My oldest son turned four right after his first brother was born. Four years of alone time with his parents. Four years of extra mommy time during the week. Four years of having toys to himself, extra attention from family members, and more. I didn’t plan a four-year age gap; it took our family a lot longer and a lot more help than we expected to have our second son, but age gaps aren’t everything. When my second son was finally on the way, I heard a lot of opinions about how our oldest son would feel once he finally...

Keep Reading

Dear Busy Sports Mom: It’s Worth It

In: Kids, Motherhood, Tween
Mom watching soccer game, photo from behind

My daughter stands on the front porch every morning and waves goodbye to me as I pull out of the driveway to go to work.  She is 11, and recently eye-rolling, long sighs, and tears have become more commonplace in our daily interactions. But, there is also this: “Bye! Have a good day!” she calls to me in the quiet of early morning, neighbors not yet awake in their still dark houses. “You are AMAZING! You got this!” she continues in her little adult voice, sounding more like a soccer mom than a fifth grader.   Her hair is still a...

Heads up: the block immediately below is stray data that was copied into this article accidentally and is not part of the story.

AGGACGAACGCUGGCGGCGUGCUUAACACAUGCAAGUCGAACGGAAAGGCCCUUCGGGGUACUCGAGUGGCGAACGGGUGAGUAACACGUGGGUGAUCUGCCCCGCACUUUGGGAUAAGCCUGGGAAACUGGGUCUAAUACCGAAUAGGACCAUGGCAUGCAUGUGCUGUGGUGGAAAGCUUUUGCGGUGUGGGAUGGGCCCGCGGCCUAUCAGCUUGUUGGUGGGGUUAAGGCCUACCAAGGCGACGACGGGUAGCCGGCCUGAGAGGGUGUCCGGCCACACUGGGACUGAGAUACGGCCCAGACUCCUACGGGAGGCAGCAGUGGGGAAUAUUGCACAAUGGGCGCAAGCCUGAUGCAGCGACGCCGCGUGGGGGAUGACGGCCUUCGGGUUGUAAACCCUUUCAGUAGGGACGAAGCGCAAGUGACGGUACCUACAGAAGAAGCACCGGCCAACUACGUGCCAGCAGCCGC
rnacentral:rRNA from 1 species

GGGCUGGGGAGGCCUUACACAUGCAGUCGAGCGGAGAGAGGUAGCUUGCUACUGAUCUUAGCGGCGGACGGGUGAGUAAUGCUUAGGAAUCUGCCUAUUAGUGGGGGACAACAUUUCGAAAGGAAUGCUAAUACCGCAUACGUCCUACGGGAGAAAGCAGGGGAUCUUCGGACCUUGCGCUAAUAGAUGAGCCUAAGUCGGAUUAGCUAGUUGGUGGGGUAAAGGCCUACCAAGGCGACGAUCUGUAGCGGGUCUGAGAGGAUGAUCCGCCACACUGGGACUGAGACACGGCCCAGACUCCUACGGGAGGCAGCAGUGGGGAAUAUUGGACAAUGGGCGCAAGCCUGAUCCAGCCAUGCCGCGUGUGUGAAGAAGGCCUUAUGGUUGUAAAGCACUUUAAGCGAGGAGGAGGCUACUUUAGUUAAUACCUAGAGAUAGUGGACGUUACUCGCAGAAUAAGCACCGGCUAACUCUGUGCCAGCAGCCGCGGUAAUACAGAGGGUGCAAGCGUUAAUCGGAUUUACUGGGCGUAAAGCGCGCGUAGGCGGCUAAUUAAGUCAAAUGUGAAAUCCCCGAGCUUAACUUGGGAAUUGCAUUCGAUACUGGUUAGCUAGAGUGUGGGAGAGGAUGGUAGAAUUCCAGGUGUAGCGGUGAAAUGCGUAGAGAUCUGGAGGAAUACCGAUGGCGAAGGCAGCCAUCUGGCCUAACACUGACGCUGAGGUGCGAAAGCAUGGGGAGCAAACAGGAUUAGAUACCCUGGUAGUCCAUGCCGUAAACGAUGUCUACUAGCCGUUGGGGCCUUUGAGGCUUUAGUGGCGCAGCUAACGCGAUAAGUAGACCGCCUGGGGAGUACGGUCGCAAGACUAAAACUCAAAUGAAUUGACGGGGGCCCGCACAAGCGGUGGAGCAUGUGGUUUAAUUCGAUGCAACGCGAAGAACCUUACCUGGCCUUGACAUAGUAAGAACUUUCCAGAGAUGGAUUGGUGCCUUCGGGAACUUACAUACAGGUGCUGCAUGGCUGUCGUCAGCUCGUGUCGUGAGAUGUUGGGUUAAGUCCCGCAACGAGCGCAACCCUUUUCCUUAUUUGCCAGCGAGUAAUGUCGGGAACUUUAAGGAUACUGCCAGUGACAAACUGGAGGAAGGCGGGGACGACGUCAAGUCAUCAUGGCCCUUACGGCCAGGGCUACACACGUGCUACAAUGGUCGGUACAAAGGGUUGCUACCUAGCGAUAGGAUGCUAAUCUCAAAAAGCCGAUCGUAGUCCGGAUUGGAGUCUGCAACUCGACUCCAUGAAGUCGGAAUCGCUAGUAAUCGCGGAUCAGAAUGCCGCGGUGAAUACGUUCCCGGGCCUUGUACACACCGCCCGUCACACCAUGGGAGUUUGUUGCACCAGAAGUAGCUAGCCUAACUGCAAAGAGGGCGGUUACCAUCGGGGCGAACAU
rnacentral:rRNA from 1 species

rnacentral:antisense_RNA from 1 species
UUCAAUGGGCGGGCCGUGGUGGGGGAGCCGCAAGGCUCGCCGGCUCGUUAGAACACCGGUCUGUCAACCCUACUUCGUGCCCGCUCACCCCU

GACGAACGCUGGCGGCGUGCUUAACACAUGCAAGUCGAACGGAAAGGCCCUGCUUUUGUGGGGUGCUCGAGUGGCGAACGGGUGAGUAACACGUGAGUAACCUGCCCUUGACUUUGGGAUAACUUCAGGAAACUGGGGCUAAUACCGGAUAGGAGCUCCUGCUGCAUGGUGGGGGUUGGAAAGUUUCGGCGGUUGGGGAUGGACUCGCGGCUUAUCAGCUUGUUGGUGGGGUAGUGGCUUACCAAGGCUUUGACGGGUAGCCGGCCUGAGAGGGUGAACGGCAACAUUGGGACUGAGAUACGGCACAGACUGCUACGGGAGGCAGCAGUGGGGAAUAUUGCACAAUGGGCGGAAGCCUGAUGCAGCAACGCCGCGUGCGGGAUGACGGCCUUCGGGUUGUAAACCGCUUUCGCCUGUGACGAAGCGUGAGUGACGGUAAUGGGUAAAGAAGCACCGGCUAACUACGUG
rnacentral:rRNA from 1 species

Keep Reading

Goodbye to the Baby Hangers

In: Kids, Motherhood
Shirt hanging from small hanger, color photo

You bought them when you first found out you were pregnant. It may have been one of the first items, actually, to hold all of the precious new clothes. The smallest ones in your household. Do you remember that first newborn onesie you bought? It was one of your favorites. You couldn’t fathom you would soon hold something so small that would fit into that onesie. You washed all of the new clothing in preparation and hung them up in your baby’s closet. You know the item. A miniature version of the ones in your closet. Baby hangers. “Do we...

Keep Reading

Take the Trip, You Won’t Regret It

In: Kids, Living, Motherhood